Still in Use
On the way up I stopped at East Baring to watch this eastbound stack train cruise up the grade at track speed. This part of the line is obviously still in use by Great Northernís successor, Burlington Northern Santa Fe (BNSF). To the left is a track inspector in the full size Ford hi-rail.
An Overview of the Site
Next stop was the former town of Wellington. The town sits in the valley below highway 2, and at the mouth of the Old Cascade tunnel. After the avalanche, the railroad renames the town Tye, but it is still called Wellington to this day. The town was home almost solely to railroad employees.
About 15 years ago, you could easily see the concrete snow shed from highway 2, now there is only a few spots that are still visible.
An overview of Wellington from the past looking northwest. The area where this picture was taken is overgrown, and cannot be duplicated today.
Before the Slide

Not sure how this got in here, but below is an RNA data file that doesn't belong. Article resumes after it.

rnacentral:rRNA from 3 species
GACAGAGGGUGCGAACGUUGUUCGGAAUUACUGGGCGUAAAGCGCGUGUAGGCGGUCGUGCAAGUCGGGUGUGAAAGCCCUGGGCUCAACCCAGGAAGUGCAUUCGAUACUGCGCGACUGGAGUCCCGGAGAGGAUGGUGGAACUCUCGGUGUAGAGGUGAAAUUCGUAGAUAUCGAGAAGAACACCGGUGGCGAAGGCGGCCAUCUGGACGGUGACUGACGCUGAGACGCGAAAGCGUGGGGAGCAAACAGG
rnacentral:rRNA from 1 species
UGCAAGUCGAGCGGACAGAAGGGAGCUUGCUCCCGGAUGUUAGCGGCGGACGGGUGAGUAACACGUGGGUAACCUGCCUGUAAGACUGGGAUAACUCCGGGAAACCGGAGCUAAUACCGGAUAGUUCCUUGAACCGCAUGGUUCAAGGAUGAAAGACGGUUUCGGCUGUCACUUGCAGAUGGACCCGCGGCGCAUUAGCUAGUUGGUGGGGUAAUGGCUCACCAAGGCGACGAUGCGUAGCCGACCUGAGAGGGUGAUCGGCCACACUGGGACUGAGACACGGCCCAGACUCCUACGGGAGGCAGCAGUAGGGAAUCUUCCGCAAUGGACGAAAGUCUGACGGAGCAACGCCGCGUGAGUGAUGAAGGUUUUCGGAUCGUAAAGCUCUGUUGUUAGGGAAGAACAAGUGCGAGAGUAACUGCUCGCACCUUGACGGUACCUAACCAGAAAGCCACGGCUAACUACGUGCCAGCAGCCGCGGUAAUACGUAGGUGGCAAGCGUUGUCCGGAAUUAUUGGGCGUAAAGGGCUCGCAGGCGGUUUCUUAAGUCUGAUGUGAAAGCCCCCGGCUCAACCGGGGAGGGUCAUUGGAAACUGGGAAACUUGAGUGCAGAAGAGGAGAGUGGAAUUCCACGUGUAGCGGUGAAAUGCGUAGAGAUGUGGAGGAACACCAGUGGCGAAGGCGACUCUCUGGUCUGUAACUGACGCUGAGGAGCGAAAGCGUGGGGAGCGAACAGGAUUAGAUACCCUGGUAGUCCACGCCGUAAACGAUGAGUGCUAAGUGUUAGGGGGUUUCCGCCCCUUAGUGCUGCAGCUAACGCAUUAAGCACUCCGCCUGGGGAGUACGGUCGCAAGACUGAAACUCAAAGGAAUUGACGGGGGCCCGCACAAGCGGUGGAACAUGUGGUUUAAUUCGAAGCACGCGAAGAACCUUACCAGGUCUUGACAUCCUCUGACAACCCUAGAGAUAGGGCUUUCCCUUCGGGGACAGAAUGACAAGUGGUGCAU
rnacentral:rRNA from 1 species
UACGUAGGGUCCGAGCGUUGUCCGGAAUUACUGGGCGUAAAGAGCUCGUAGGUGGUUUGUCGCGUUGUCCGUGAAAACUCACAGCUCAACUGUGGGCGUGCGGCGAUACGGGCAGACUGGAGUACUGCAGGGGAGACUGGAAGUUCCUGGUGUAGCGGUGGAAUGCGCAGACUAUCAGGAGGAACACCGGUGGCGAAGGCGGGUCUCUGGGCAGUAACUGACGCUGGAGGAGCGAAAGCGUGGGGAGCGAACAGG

One of the signs showing the town of Wellington before the slide.
The Old West Portal
First stop in Wellington was the west portal of the old 2.6 mile long Cascade Tunnel. This part of the line was abandoned in 1929, when the Great Northern had a longer tunnel built at a lower elevation.
Remains of the Engine House
The concrete foundation are the only remains. In this picture you can see the outline of the work pit. Engines would drive over the pit, giving the mechanics easy access to the underside.
Coal Tower Then
From 1910, to 1926, a coal tower supplied locomotives, and rotary plows with coal if they were running low. Steam was the power of choice during this period, so coal was in big demand. I donít know if this project was a direct result of the avalanche, but one of the problems was that the snowplows were out of coal, making them useless. The tower was constructed after the avalanche.
Milepost 1711 Now
Looking west towards MP 1711. The grade for the runaway train track is on the right.
Concrete Snow Shed
The entrance of the concrete snow shed with my trusty trail-blazing dog leading the way. I believe this is Haskell creek on the left. This was the only all-concrete snow shed that the Great Northern ever built. Its nearly a Ĺ mile long, and marks the approximate eastern extent of the 1910 avalanche. Just to clarify, the snow shed was built after the avalanche.